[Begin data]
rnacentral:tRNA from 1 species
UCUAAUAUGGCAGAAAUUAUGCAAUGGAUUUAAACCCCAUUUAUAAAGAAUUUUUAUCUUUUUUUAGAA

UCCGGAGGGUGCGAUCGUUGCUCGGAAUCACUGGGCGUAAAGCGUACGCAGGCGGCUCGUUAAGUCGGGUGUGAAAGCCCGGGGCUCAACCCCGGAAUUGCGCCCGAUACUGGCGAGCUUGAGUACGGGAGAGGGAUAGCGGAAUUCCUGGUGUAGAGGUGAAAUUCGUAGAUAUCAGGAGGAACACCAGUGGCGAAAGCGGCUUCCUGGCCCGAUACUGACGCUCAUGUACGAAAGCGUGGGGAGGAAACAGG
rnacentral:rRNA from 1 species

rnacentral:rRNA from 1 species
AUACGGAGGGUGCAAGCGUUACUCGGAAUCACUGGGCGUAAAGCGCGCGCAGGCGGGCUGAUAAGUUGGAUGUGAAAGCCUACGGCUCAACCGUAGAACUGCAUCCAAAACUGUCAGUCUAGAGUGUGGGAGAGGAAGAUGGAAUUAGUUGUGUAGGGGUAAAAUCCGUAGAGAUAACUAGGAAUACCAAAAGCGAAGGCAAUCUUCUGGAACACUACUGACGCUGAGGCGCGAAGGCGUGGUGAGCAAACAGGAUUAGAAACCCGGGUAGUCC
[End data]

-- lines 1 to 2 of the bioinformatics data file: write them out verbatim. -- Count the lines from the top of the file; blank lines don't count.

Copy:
rnacentral:tRNA from 1 species
UCUAAUAUGGCAGAAAUUAUGCAAUGGAUUUAAACCCCAUUUAUAAAGAAUUUUUAUCUUUUUUUAGAA